4. In this revision petition though the learned Counsel attempted to canvass the finding of the Tribunal on merits we are unable to agree with him. As rightly pointed out by the Tribunal there is absolutely no evidence to show that the disputed turnover represented the export sales or that they were not liable to sales-tax. We therefore confirm the finding of the Tribunal that they are not proved to be export sales. But so far as the additional grounds raised by the petitioner is concerned we permitted the learned Counsel for the petitioner to state the points raised by him in the additional grounds in order to find out whether there is any prima facie point which calls for consideration.
5. The first ground raised in the additional grounds was that the levy of tax in respect of hides and skins under Rules 16(3), 16(4) and 16(5) were invalid and unconstitutional. This point is covered by the Full Bench decision of this Court and it is against the contention of the petitioner and therefore there is no substance in this contention.
6. It was next contended that the original assessment order was made under rule 16(5) and since that rule was deleted the assessment order itself became invalid. We are unable to agree with this contention of the. learned Counsel. Since ride 16(5) was relied in. certain cases in support of a contention that unlicenced dealers in hides and skins were not liable to sales tax, that rule was deleted. But as already noticed the Supreme Court in The State of Madras v. Noor Mohamed : 1SCR148 , had held that unlicenced dealers were liable to be taxed under Section 3(1) of the Madras General Sales Tax Act, 1939. Therefore though the assessment order was purported to have been made under Rule 16(5), since the original assessment authority had jurisdiction to assess and the assessee was liable to pay sales-tax under Section 3(1) the assessment order itself was valid and cannot be said to be invalid. Therefore there is no substance in this contention either.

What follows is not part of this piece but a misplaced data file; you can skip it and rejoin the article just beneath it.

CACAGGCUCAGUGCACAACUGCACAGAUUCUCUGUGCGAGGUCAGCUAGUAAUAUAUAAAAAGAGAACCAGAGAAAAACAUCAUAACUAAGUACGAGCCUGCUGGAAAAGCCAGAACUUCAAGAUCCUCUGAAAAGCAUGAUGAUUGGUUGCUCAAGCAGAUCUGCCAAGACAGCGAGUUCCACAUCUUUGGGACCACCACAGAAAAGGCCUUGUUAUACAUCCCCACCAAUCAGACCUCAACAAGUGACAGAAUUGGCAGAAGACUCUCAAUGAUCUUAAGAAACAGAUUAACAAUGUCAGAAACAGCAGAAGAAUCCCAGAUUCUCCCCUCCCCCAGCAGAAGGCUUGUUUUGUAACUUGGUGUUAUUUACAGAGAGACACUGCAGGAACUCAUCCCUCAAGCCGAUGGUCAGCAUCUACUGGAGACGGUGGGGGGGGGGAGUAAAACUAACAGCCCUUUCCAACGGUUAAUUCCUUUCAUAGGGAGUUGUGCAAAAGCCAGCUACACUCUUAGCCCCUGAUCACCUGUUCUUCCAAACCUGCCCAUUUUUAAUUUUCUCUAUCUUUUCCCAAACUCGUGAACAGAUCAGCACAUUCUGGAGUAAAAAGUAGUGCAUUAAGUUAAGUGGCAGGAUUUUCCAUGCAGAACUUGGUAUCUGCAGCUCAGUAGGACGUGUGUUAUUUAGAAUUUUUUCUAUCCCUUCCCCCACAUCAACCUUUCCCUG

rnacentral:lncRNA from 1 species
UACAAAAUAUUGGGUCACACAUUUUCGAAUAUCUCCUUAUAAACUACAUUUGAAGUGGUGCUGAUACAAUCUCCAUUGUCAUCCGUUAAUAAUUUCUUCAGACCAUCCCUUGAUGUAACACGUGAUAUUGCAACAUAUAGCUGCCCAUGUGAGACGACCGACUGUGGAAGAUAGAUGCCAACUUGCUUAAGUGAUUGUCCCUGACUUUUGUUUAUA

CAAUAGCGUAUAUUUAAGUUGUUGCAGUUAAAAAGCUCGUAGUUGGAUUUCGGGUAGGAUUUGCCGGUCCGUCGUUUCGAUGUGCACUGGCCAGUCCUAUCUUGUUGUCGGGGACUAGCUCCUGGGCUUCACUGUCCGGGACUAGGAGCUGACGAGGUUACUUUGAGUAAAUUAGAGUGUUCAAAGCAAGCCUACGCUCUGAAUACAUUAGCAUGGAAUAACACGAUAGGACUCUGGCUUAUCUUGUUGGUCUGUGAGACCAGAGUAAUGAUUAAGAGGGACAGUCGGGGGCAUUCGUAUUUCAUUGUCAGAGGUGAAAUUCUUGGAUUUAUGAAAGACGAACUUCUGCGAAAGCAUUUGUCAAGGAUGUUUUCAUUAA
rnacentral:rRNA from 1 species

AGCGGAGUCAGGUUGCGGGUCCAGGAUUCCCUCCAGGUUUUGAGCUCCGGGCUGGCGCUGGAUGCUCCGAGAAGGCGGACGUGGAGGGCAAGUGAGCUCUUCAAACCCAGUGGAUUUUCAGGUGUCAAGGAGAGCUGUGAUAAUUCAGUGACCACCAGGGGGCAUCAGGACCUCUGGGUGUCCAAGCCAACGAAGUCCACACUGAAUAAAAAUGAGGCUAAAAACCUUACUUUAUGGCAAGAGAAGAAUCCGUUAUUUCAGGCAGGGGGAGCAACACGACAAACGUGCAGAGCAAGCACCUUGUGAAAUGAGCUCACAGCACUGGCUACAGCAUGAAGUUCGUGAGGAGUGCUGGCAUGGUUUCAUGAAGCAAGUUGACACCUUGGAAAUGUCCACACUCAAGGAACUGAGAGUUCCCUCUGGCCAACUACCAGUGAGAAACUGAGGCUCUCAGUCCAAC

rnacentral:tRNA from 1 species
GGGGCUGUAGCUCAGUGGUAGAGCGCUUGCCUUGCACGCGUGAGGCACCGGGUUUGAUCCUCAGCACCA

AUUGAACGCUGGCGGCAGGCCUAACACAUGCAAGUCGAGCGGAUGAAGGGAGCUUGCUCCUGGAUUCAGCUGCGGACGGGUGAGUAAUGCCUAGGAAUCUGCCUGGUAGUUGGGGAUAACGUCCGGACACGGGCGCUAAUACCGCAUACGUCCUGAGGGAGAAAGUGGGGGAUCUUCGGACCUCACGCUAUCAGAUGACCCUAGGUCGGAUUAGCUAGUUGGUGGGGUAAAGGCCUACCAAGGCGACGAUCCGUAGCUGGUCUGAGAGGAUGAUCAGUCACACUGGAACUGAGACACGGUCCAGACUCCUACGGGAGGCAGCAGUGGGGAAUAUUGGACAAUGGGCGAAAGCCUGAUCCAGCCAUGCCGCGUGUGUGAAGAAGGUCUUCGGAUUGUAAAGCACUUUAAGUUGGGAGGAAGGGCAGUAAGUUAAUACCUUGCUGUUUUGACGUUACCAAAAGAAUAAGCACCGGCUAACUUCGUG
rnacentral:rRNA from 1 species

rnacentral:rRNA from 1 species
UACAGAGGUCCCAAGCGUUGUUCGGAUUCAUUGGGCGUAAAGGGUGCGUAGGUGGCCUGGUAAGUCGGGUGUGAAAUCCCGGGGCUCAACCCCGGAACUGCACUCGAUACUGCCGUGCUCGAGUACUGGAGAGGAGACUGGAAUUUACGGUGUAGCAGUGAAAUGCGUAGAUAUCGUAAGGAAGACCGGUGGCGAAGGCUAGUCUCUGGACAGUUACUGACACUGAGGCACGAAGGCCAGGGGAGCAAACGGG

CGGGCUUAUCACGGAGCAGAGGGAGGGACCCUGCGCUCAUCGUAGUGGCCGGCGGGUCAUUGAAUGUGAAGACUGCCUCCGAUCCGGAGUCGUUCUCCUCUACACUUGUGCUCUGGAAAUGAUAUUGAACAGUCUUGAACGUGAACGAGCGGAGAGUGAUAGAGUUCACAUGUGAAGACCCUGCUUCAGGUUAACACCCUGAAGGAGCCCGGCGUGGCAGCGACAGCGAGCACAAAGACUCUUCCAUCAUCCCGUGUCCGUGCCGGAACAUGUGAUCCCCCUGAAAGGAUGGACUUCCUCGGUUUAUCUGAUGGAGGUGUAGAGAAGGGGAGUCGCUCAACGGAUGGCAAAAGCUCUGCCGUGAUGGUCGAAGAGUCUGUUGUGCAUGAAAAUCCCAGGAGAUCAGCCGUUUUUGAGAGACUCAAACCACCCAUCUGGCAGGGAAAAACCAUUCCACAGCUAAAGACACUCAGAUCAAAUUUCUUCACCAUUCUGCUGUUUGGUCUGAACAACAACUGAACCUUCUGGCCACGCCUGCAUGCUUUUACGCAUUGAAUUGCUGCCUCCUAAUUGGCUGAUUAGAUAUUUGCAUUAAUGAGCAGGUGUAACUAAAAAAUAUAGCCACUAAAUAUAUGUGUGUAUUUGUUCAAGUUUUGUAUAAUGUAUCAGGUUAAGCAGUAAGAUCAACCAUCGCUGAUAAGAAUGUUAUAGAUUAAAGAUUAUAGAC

7. The 3rd contention was that under the Madras General Sales Tax Act, 1939 the original assessment was to have been made by the Deputy Commercial Tax Officer and in the present case the original assessment order was made by the Assessment Commercial Tax Officer and that therefore that order was without jurisdiction. The Madras General Sales Tax Act. 1939 was repealed by Tamil Nadu General Sales Tax Act, 1959. But Section 61 provided that in respect of the assessment years prior to 1st April, 1959 the provisions of the 1939 Act would apply. Though properly the Deputy Commercial Tax Officer could have made the assessment in this case, since the Officer who originally assessed was not below the status of a Deputy Commercial Tax Officer and in fact he was a higher authority, we do not consider any prejudice has been caused to the petitioner in the Assessment Commercial Tax Officer himself making the assessment. The matter cannot be looked at as one involving jurisdiction as the assessing officer was not below the rank of the Deputy Commercial Tax Officer. We do not therefore consider that on this ground the assessment order could be interfered with.